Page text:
He underlines the “huge” reputational risk to McDonald’s if VMob took data without the customer’s express permission, but says customers are very happy to hand over their data in return for a free cheeseburger or drink.

Personalisation is a big part of what makes VMob work. It offers customers rewards that are relevant to them, and nothing that isn’t. Bradley quotes a study that shows a 700 percent increase in engagement following personalisation.

“This is where retailers are really struggling. They publish these apps that are generically the same as each other.”

He thinks retailers should tap into their traditions, saying retailers have been personalising their offers for hundreds of years as they remember return customers and greet them by name. They need to take this mindset into the mobile space, Bradley says.

​ ​

This is a community discussion forum. Comment is free but please respect our rules:

  1. Don’t be abusive or use sweary type words
  2. Don’t break the law: libel, slander and defamatory comments are forbidden
  3. Don’t resort to name-calling, mean-spiritedness, or slagging off
  4. Don’t pretend to be someone else.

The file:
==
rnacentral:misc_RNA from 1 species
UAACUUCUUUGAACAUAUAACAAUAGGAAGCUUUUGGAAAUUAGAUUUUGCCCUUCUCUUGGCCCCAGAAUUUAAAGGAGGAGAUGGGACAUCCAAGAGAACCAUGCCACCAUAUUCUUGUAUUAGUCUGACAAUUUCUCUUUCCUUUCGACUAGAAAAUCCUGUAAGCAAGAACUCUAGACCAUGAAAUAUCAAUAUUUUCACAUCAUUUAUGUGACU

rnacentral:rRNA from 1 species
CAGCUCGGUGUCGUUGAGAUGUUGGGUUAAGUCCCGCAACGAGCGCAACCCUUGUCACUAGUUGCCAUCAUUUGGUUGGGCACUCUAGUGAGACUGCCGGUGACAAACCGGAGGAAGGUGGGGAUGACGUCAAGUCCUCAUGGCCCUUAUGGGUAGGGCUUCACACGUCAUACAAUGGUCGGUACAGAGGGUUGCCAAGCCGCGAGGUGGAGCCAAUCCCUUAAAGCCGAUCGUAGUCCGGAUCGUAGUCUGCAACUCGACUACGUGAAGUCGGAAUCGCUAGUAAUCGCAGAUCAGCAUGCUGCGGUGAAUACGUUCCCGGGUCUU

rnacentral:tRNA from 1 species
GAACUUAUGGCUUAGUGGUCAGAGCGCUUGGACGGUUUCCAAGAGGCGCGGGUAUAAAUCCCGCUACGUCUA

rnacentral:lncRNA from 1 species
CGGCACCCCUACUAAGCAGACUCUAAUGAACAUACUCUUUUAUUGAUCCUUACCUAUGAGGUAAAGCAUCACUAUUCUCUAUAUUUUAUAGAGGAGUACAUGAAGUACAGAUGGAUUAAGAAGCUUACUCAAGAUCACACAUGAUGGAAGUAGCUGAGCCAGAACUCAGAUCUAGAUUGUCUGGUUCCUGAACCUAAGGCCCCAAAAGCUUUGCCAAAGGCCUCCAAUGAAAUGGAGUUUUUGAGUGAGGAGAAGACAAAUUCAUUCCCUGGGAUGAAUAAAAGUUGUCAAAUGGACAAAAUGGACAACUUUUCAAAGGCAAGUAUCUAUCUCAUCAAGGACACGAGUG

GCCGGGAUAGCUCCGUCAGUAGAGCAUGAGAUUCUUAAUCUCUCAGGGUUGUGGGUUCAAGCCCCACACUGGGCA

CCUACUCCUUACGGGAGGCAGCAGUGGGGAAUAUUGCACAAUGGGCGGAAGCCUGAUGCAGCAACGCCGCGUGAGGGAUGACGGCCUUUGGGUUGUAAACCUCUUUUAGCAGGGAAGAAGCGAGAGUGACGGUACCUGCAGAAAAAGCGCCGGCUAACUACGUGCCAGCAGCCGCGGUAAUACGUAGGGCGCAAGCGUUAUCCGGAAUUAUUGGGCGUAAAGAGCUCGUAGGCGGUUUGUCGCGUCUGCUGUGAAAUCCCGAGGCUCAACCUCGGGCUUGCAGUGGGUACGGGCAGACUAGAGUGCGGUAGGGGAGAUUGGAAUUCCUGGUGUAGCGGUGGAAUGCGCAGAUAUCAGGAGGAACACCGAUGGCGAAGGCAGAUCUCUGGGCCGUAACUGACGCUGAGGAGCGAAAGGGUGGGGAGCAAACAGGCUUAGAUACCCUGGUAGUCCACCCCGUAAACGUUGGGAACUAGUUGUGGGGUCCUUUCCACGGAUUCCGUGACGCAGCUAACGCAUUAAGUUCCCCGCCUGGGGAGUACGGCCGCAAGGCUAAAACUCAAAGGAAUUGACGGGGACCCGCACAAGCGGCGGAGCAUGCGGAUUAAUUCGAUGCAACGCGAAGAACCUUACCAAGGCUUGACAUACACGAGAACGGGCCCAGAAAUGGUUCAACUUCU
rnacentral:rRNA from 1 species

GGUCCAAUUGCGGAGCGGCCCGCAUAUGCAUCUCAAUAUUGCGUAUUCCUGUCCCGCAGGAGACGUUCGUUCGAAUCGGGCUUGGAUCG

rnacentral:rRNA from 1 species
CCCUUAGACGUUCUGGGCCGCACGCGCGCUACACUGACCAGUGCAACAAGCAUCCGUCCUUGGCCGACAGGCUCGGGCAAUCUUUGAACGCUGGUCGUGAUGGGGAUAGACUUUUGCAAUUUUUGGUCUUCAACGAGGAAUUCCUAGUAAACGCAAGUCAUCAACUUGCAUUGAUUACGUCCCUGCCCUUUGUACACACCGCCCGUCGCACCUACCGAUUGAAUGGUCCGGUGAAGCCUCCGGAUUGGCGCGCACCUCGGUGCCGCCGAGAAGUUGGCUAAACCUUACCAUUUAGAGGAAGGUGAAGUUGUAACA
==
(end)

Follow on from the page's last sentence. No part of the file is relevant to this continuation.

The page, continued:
If we find you doing these things, your comments will be edited without recourse and you may be asked to go away and reconsider your actions.
We respect the right to free speech and anonymous comments. Don’t abuse the privilege.

 

Direct sales: How multi-level marketing works

  • News
  • April 18, 2019
  • Sarah Dunn
Direct sales: How multi-level marketing works

The $200 million-plus direct sales economy contains many lessons retailers can use. As part of a wider look at this thriving corner of retail, we created a quick explainer showing how this business model typically works.

Read more
 
 

Direct sales: Meet the upliners

  • News
  • April 18, 2019
  • Sarah Dunn
Direct sales: Meet the upliners

We profiled different participants in the direct sales industry to find out what retailers can learn from them. Meet Isagenix distributors Adam Nesbitt and Bianca Bathurst.

Read more
 
 

Direct sales: Meet the business builder

  • News
  • April 18, 2019
  • Sarah Dunn
Direct sales: Meet the business builder

As part of a wider story looking at what retailers can learn from the direct sales industry, we profiled Isagenix distributor Ben Frost.

Read more
 

Social scoreboard

Zavy and The Register have worked together to create a scoreboard that compares how the top 25 traditional media advertising spenders in New Zealand have performed on social media over the past 30 days, updated in real time.

 
topics
Concept to closet
Business coverage of New Zealand Fashion Week.
Town centres
A positive retail environment over the past 12 ...
Amazon Arrival
Keeping up with all things Amazon as it ...
The Retail Yearbook 2017